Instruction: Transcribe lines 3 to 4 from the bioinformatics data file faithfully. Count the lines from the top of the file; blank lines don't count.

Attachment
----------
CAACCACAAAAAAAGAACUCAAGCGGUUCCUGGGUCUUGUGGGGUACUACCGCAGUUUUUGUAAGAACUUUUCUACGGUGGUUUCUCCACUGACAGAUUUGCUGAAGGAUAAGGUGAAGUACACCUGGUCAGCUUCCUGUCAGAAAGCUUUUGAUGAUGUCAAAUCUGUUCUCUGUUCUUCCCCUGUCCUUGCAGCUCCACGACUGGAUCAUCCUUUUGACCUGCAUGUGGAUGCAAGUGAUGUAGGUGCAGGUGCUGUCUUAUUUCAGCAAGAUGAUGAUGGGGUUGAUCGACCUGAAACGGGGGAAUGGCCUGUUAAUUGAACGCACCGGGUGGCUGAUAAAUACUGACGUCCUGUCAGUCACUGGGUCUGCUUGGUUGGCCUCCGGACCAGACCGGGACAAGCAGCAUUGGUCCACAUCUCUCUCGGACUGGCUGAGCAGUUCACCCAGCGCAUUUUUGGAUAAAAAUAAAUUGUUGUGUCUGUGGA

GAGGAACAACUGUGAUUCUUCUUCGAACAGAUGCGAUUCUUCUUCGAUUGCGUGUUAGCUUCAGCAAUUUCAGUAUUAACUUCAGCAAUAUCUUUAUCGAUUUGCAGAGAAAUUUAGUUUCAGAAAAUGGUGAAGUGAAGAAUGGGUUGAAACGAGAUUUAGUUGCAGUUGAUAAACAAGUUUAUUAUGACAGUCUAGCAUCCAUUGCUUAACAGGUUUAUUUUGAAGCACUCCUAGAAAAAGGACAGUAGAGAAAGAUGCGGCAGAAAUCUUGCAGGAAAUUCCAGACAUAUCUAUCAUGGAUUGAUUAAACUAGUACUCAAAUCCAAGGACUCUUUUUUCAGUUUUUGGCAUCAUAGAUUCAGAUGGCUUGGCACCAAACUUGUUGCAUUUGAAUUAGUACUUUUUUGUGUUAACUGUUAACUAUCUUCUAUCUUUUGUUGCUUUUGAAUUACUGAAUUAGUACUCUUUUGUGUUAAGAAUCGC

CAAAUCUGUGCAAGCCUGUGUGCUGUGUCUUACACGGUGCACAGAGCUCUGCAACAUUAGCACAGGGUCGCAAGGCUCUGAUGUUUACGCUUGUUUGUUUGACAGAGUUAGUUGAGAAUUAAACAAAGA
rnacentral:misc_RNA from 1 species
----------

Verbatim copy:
CAAAUCUGUGCAAGCCUGUGUGCUGUGUCUUACACGGUGCACAGAGCUCUGCAACAUUAGCACAGGGUCGCAAGGCUCUGAUGUUUACGCUUGUUUGUUUGACAGAGUUAGUUGAGAAUUAAACAAAGA
rnacentral:misc_RNA from 1 species